CLASSROOM APPLICATION: Matt Bradley and Ghassan Adnan examines the Shiite militias that have emerged as an effective force fighting the Islamic State, but a group that is as brutal as the Sunni Islamic State fighters. Students can first describe the sectarian conflict in Iraq and the Middle East, which significantly defines sides in several conflicts. While the Islamic State is Sunni, the governments of Iraq and Iran are primarily Shiite, which has led to both the U.S. and Iran fighting on the same side against the Islamic State forces. When Iran struck the Islamic State in Iraq this week, U.S. officials, appreciating the help, had to emphasize that these attacks were not coordinated with the U.S. However, while Iran opposes the Islamic State as the U.S., they support the al Assad Syrian government, which the U.S. does not. Given the brutality that Bradley and Adnan say characterize these militias, students can discuss how the U.S. should deal with them when they along with the Kurds are the primary on the ground fighting force. Even if the U.S. doesn't directly support the militias, would students consider the U.S. complicit if it does not counter them? Are U.S. objections to the Iraqi government sufficient? In this vein, could the Iraqi government harness the militias in the fight against the Islamic State and set restrictions on their actions to stop the brutality that has described their actions?

QUESTIONS: 
1. (Introductory) What is the relationship and shared goals among Hezbollah, Iran, and the Shiite militias?

2. (Introductory) How did the former Iraqi government give rise to the Shiite militias and the Islamic State (ISIS or ISIL)? What pressure did the U.S. put on the Nouri al Maliki government in an attempt to head off this problem?

3. (Advanced) How are human rights violations being deal with in Bosnia and Herzegovina? Could this be applied to Iraq?

4. (Advanced) Given brutality of the Syrian government, the Islamic State, and the Iraqi militias, what do you believe U.S. action in the region will accomplish?

Reviewed By: Edward Miller, University of Wisconsin-Stevens Point

RELATED ARTICLES: 
Iraqi Minorities Press for Militias to Fight Islamic State
by Matt Bradley
Sep 28, 2014
Online Exclusive

U.S.-backed Plan for Iraqi National Guard Falters
by Tamer El-Ghabashy
Oct 16, 2014
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Party Victory Sets Stage for Antiabortion Push in 2015
by: Beth Reinhard
Dec 08, 2014
Click here to view the full article on WSJ.com

TOPICS: Abortion, Congress

SUMMARY: Despite the Supreme Court's decision in Roe v. Wade which legalized abortions up to the time the fetus is considered viable outside the womb, typically considered 24 weeks, antiabortion advocates are pressing for a ban on abortions at 20 weeks, the time they say that a fetus can feel pain. Thirteen states have passed similar restrictions. However, only 1.3% of abortions are performed after 21 weeks, typically because the woman is facing a health risk or the baby is severely deformed, a condition that may not be known until an ultrasound is done around 20 weeks. While 60% of voters would back the 20 week cut-off, supporters may have difficulty in getting the 60 votes needed to cut off a Senate filibuster. Republican leaders have other domestic and foreign policy issues on their agenda. Even if it should be enacted, President Obama would probably veto it to protect abortion rights. The last time Congress limited abortions was in 2003, when late-term abortions were banned.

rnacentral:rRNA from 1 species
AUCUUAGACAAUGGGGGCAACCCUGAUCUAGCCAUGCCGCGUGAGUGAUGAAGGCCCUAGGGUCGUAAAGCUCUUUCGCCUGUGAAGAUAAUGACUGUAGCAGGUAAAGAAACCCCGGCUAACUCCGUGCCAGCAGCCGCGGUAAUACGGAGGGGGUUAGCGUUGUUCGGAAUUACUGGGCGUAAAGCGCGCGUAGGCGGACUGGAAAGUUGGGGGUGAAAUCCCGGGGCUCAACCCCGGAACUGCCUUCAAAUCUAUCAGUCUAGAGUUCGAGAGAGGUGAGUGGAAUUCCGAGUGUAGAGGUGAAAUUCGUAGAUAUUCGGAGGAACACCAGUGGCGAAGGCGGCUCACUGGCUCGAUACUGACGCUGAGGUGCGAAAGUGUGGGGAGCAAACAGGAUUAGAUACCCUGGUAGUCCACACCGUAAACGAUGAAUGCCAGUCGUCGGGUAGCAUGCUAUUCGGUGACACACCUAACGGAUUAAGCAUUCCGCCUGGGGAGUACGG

CLASSROOM APPLICATION: Beth Reinhard reports on the hope of antiabortion groups to enact further abortion restriction in the 114th Congress, when Republicans become the majority in both the House and Senate. Students can review the basic decision on abortion, especially Roe v. Wade, the privacy ground of that decision, and cases dealing with allowable limits, such as Webster v. Reproductive Health Services (1989), Planned Parenthood v. Casey (1992), and Gonzales v. Carhart (2007), which allowed Congress to ban late-term abortions . While it is not likely that Congress or state legislative action will get the Supreme Court to reverse Roe v. Wade, those opposing abortion are hoping to chip away at abortion rights. Students can list some of the limitations that these groups may try to impose. Further, the class can examine restriction that are being pushed in states, including requiring outpatient centers performing abortions meet outpatient surgery center rules and requiring doctors performing abortions have admitting privileges at local hospitals. Additional, the personhood amendment, which has been rejected by the voters in several states, can be explained. Lastly, the prohibition of U.S. federal money for abortions, known as the Hyde Amendment can be described, as well as how it impacts the Affordable Care Act.

QUESTIONS: 
1. (Introductory) The primary abortion rights case is Roe v. Wade. What was the constitutional basis for the decision? How did it relate to the 1965 Connecticut contraceptive case?

2. (Introductory) What is the Hyde Amendment and how does it affect the Affordable Care Act?

3. (Advanced) In the states, why has there been a problem with laws passed that require abortion providers to have admitting privileges at a local hospital?

4. (Advanced) If the ban on abortion after 20 weeks has two exceptions--rape and incest. Does it legally matter that it does not provide a health exception for the mother?

Reviewed By: Edward Miller, University of Wisconsin-Stevens Point

RELATED ARTICLES: 
Supreme Court Blocks Some Texas Abortion Restrictions
by Jess Bravin
Oct 14, 2014
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For Obama, Low Oil Prices Bring Hope
by: Gerald F. Seib
Dec 09, 2014
Click here to view the full article on WSJ.com
Click here to view the video on WSJ.com WSJ Video

TOPICS: Energy Policy, Middle East, Mideast

SUMMARY: Failing oil prices, responding principally to increased supply, has a foreign policy dividend for the United States. The resulting decline in oil revenues is hurting oil rich nations, including Iran, Syria, Russia, and Venezuela, which have disputes with the U.S. For example, there may not be a need to ramp up sanctions against Iran if they fail to agree to nuclear limits in the present negotiations because their economy and government budget are being hurt by falling oil prices. Russia, who is enduring sanctions because of their action in Crimea and Ukraine, has seen its economy decline both because of the Western sanctions but also because of the fall in oil prices. Even the terrorist organization, the Islamic State (ISIS or ISIL), is experiencing a funding shortfall because selling oil is one of the Islamic State's most prominent source of revenue.